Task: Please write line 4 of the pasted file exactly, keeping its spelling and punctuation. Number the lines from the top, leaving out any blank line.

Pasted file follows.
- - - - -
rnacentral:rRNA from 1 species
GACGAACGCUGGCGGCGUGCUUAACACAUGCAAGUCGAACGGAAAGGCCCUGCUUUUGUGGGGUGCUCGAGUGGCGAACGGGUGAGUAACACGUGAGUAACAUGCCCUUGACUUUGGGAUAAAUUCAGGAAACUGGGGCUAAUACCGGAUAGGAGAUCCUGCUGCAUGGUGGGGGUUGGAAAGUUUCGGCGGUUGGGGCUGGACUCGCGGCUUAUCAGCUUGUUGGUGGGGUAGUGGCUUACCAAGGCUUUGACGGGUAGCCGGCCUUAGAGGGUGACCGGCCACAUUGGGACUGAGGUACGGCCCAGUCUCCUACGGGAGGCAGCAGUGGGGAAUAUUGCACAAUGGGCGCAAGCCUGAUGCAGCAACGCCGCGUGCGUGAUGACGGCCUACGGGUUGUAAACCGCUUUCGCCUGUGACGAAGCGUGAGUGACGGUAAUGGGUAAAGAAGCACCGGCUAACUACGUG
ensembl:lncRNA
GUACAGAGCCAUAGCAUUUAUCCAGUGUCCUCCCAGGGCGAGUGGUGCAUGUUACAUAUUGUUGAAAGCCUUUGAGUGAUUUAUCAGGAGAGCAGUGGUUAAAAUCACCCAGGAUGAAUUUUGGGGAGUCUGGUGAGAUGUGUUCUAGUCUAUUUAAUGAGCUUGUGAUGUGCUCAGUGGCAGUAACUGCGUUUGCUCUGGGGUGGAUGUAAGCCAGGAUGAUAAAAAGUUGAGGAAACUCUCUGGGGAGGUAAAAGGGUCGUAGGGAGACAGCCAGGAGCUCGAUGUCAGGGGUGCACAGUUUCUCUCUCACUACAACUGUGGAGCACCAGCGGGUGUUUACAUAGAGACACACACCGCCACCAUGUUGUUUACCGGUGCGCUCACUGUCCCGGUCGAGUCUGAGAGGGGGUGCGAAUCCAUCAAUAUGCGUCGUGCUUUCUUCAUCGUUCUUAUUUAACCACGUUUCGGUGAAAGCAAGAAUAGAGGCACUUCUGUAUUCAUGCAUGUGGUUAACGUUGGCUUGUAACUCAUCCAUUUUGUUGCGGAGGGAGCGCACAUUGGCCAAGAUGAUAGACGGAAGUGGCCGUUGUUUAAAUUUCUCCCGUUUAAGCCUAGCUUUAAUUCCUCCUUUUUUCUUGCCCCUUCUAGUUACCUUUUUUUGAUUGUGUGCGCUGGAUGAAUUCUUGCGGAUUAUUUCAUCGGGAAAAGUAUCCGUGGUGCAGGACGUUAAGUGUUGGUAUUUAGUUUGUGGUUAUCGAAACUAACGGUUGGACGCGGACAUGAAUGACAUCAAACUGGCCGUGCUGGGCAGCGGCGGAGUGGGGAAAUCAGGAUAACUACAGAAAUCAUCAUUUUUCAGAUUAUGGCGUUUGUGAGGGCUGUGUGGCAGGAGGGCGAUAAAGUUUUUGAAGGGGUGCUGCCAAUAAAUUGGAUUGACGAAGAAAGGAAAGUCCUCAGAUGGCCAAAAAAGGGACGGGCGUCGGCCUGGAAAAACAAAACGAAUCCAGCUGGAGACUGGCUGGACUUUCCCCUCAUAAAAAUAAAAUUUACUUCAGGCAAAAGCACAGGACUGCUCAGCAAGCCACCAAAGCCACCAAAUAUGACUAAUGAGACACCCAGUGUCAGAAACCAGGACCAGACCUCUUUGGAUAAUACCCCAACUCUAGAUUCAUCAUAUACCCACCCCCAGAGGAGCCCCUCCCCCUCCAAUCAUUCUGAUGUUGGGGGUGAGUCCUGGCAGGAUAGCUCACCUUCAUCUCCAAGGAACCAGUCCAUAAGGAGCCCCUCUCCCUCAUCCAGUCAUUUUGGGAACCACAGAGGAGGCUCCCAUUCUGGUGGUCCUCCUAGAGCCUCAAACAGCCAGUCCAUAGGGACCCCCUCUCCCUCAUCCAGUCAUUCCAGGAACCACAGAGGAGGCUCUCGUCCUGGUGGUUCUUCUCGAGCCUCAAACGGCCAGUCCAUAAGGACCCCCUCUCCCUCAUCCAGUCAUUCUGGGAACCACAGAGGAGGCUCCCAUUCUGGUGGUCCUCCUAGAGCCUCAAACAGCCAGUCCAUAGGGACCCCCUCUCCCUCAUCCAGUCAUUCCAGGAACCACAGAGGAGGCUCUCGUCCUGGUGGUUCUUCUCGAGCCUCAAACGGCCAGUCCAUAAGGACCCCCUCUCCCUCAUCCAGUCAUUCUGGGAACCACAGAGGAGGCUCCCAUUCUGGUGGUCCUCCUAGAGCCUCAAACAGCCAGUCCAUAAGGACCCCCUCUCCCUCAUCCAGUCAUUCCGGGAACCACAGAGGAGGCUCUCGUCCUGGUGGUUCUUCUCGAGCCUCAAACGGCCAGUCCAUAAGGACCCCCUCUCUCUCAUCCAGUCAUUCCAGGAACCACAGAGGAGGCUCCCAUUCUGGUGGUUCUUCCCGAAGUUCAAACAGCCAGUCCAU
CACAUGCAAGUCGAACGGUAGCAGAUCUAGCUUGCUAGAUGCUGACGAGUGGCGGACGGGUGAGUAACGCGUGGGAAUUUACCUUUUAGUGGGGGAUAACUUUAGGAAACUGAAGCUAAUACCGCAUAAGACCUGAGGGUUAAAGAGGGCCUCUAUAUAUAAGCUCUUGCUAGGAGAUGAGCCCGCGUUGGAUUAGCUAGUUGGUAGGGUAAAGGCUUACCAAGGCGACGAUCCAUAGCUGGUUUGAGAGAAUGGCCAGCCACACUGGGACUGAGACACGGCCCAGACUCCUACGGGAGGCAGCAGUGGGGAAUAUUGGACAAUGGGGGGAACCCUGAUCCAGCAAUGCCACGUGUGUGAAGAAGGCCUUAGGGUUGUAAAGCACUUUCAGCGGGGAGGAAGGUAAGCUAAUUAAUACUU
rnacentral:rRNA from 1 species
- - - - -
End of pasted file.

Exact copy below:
GUACAGAGCCAUAGCAUUUAUCCAGUGUCCUCCCAGGGCGAGUGGUGCAUGUUACAUAUUGUUGAAAGCCUUUGAGUGAUUUAUCAGGAGAGCAGUGGUUAAAAUCACCCAGGAUGAAUUUUGGGGAGUCUGGUGAGAUGUGUUCUAGUCUAUUUAAUGAGCUUGUGAUGUGCUCAGUGGCAGUAACUGCGUUUGCUCUGGGGUGGAUGUAAGCCAGGAUGAUAAAAAGUUGAGGAAACUCUCUGGGGAGGUAAAAGGGUCGUAGGGAGACAGCCAGGAGCUCGAUGUCAGGGGUGCACAGUUUCUCUCUCACUACAACUGUGGAGCACCAGCGGGUGUUUACAUAGAGACACACACCGCCACCAUGUUGUUUACCGGUGCGCUCACUGUCCCGGUCGAGUCUGAGAGGGGGUGCGAAUCCAUCAAUAUGCGUCGUGCUUUCUUCAUCGUUCUUAUUUAACCACGUUUCGGUGAAAGCAAGAAUAGAGGCACUUCUGUAUUCAUGCAUGUGGUUAACGUUGGCUUGUAACUCAUCCAUUUUGUUGCGGAGGGAGCGCACAUUGGCCAAGAUGAUAGACGGAAGUGGCCGUUGUUUAAAUUUCUCCCGUUUAAGCCUAGCUUUAAUUCCUCCUUUUUUCUUGCCCCUUCUAGUUACCUUUUUUUGAUUGUGUGCGCUGGAUGAAUUCUUGCGGAUUAUUUCAUCGGGAAAAGUAUCCGUGGUGCAGGACGUUAAGUGUUGGUAUUUAGUUUGUGGUUAUCGAAACUAACGGUUGGACGCGGACAUGAAUGACAUCAAACUGGCCGUGCUGGGCAGCGGCGGAGUGGGGAAAUCAGGAUAACUACAGAAAUCAUCAUUUUUCAGAUUAUGGCGUUUGUGAGGGCUGUGUGGCAGGAGGGCGAUAAAGUUUUUGAAGGGGUGCUGCCAAUAAAUUGGAUUGACGAAGAAAGGAAAGUCCUCAGAUGGCCAAAAAAGGGACGGGCGUCGGCCUGGAAAAACAAAACGAAUCCAGCUGGAGACUGGCUGGACUUUCCCCUCAUAAAAAUAAAAUUUACUUCAGGCAAAAGCACAGGACUGCUCAGCAAGCCACCAAAGCCACCAAAUAUGACUAAUGAGACACCCAGUGUCAGAAACCAGGACCAGACCUCUUUGGAUAAUACCCCAACUCUAGAUUCAUCAUAUACCCACCCCCAGAGGAGCCCCUCCCCCUCCAAUCAUUCUGAUGUUGGGGGUGAGUCCUGGCAGGAUAGCUCACCUUCAUCUCCAAGGAACCAGUCCAUAAGGAGCCCCUCUCCCUCAUCCAGUCAUUUUGGGAACCACAGAGGAGGCUCCCAUUCUGGUGGUCCUCCUAGAGCCUCAAACAGCCAGUCCAUAGGGACCCCCUCUCCCUCAUCCAGUCAUUCCAGGAACCACAGAGGAGGCUCUCGUCCUGGUGGUUCUUCUCGAGCCUCAAACGGCCAGUCCAUAAGGACCCCCUCUCCCUCAUCCAGUCAUUCUGGGAACCACAGAGGAGGCUCCCAUUCUGGUGGUCCUCCUAGAGCCUCAAACAGCCAGUCCAUAGGGACCCCCUCUCCCUCAUCCAGUCAUUCCAGGAACCACAGAGGAGGCUCUCGUCCUGGUGGUUCUUCUCGAGCCUCAAACGGCCAGUCCAUAAGGACCCCCUCUCCCUCAUCCAGUCAUUCUGGGAACCACAGAGGAGGCUCCCAUUCUGGUGGUCCUCCUAGAGCCUCAAACAGCCAGUCCAUAAGGACCCCCUCUCCCUCAUCCAGUCAUUCCGGGAACCACAGAGGAGGCUCUCGUCCUGGUGGUUCUUCUCGAGCCUCAAACGGCCAGUCCAUAAGGACCCCCUCUCUCUCAUCCAGUCAUUCCAGGAACCACAGAGGAGGCUCCCAUUCUGGUGGUUCUUCCCGAAGUUCAAACAGCCAGUCCAU